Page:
President Biden said on Tuesday that every American who wants a Covid-19 vaccine will be able to get one by the end of July, striking a more optimistic tone than he delivered last week when he warned that logistical and distribution hurdles would most likely mean that many people would still not have been vaccinated by the end of the summer.
Mr. Biden made the comment in Milwaukee during a town hall-style meeting hosted by CNN. When the host, Anderson Cooper, asked him when every American who wants a vaccine was “going to be ready to get a vaccine?” Mr. Biden replied without hesitation: “By the top of July this year.”
He then tempered the remark slightly, telling Mr. Cooper that the doses would “be available” by that time. But he also said he did not expect it to take months to get the shots into people’s arms.
At a time when Americans are yearning to urge back to what life was like before the pandemic, Mr. Biden sought to supply reassurance tempered with reality.
While the president said he did not want to “over promise,” he said at one point that “by next Christmas i think we’ll be during a very different circumstance God willing, than we are today.” At another point he predicted that by the time the next school year starts in September, the nation would be “significantly better off than we are today.”
The Centers for Disease Control and Prevention has issued guidelines that urge school districts to reopen as soon as possible if they follow safety precautions.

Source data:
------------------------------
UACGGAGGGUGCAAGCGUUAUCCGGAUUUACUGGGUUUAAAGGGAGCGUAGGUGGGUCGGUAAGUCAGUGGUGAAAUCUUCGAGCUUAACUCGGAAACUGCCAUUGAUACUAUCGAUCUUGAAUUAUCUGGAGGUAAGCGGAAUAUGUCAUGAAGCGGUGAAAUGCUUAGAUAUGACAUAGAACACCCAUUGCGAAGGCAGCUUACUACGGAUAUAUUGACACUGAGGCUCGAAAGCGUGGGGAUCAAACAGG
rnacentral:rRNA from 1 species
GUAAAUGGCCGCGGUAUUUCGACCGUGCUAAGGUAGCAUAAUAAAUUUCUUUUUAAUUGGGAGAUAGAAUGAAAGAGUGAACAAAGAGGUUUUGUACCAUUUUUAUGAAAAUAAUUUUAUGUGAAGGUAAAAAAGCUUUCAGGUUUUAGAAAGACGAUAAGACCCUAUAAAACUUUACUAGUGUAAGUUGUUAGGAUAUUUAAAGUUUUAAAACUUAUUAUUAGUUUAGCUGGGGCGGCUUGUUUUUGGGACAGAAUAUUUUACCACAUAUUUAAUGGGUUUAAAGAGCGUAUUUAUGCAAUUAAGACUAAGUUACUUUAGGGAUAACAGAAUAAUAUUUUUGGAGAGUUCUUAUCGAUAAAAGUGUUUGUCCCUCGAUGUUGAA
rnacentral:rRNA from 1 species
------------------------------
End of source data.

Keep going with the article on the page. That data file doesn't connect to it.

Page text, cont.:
Last week, the Biden administration said it had secured 200 million more doses of coronavirus vaccines, enough to inoculate every American adult. The extra doses amount to a 50 percent increase within the vaccine supply, and can give the administration the amount of doses necessary to hide 300 million people by the top of the summer.
But Mr. Biden warned at the time that it would still be difficult to get those shots into people’s arms. “It’s one thing to have the vaccine,” Mr. Biden said then. “It’s another thing to have vaccinators.”
On Tuesday, Mr. Biden used his public office to urge Americans to urge vaccinations, addressing questions on the efficacy of the vaccine made by Johnson & Johnson, which has not yet been granted emergency authorization by the Food and Drug Administration. That vaccine has been shown to be slightly less efficacious against a number of the more contagious variants of the coronavirus than the 2 vaccines already in use, one by Moderna and other by Pfizer BioNTech. Mr. Biden said Americans got to take it if it's offered.
“The clear notion is if you’re eligible, if it’s available, get the vaccine,” he said. “Get the vaccine.”Dr. Dhillon Randeep
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